I had the pleasure of meeting with a young professional woman this week who was interested in seeing if she would qualify for a mortgage so she could invest in her own home. During our meeting she expressed concern about having her credit checked and the impact on her ability to get a loan. When I pulled her credit report she had a great credit history and excellent credit score of 801. So I thought an article about your credit score and how it is determined would be helpful for my readers.
Your credit score is a judgment about your financial health, at a specific point in time. It indicates the risk you represent for lenders, compared with other consumers.
There are many different ways to work out credit scores. The credit-reporting agencies Equifax and TransUnion use a scale from 300 to 900. High scores on this scale are good. The higher your score, the lower the risk for the lender. Lenders may also have their own ways of arriving at credit scores. In addition, lenders must decide on the lowest score you can have and still borrow money from them. They can also use your score to set the interest rate you will pay.
Which parts of a credit history are most important?
35% – Your Payment History
30% – Amounts You Owe
15% – Length of Your Credit History
10% – Types of Credit Used
10% – New Credit
Top 5 tips for improving your credit
1. Pay your bills on time. Pay your bill in advance of the due date, ensuring it reaches the creditor before the payment is due. Pay off debt, don’t move it around. Owing the same amounts, but having fewer open accounts, can lower your score if you max out the accounts involved.
2. Contact your creditors as soon as you know you will have a problem paying bills on time. Try to work out a payment arrangement and negotiate with them to keep at least a portion of the late notations off of your credit reports.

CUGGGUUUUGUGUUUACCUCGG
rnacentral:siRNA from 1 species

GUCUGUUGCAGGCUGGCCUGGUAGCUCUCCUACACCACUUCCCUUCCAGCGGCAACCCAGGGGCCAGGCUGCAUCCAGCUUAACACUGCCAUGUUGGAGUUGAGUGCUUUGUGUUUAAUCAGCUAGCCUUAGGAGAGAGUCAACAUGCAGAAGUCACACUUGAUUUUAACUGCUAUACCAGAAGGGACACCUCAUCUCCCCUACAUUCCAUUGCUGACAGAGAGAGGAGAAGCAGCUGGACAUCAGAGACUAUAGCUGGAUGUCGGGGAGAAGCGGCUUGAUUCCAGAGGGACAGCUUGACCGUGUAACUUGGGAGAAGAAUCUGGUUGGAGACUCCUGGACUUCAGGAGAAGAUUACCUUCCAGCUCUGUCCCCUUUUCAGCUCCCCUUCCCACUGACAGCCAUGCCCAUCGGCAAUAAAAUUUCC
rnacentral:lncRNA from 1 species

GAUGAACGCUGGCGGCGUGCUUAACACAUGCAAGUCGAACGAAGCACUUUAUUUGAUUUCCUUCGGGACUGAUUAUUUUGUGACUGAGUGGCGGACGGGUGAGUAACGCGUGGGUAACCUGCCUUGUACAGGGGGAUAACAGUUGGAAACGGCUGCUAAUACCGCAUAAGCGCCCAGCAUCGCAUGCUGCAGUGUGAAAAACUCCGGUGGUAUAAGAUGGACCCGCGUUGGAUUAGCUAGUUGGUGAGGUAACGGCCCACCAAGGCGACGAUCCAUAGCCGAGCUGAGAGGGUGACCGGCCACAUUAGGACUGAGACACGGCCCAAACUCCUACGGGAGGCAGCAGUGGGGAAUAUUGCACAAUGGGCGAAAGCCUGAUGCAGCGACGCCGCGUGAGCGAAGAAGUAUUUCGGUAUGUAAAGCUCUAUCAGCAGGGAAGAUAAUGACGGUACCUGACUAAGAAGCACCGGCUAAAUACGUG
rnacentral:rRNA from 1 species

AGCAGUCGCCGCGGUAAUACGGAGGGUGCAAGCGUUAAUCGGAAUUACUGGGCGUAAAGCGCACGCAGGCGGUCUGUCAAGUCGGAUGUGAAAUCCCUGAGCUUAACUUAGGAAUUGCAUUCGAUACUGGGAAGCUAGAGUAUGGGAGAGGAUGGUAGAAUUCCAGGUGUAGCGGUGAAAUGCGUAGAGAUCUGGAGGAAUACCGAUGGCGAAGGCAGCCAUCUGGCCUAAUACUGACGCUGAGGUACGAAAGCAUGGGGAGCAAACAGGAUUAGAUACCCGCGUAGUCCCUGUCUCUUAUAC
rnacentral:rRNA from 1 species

3. Reduce the number of active credit cards to 2 or 3 accounts. Revolving credit includes department store cards, grocery store cards and gas cards. Establish a minimum of 2-3 trades with good repayment history for 24 months
4. Keep account balances within 50% of the available credit limit – Keep your credit card balances low. High debt-to-credit-limit ratios drive your scores down.
5. Pay or satisfy all outstanding collections and judgements
It is advisable to avoid applying for credit and having your credit report checked unless you have a genuine need for credit. The risk to consumers with a lot of activity on their credit report over a short period of time is that a lender may interpret this as a sign that you are in financial difficulty or taking on more debt than you can manage.
Your credit score is important and you need to take action to make sure that you will be able to borrow money when you need it. If you currently have a low credit score don’t be discouraged. Take action. Start doing the things that will cause your credit score to improve. Be consistent and before you know it you will have better credit.
When you are ready to pursue home ownership, call me for your mortgage! I pull your credit report once and submit it to the lender. If there are some issues on the report that needs to be addressed, I can guide you through that process.
Enjoy the summer!
Karen Boies, Mortgage Specialist 604-726-9550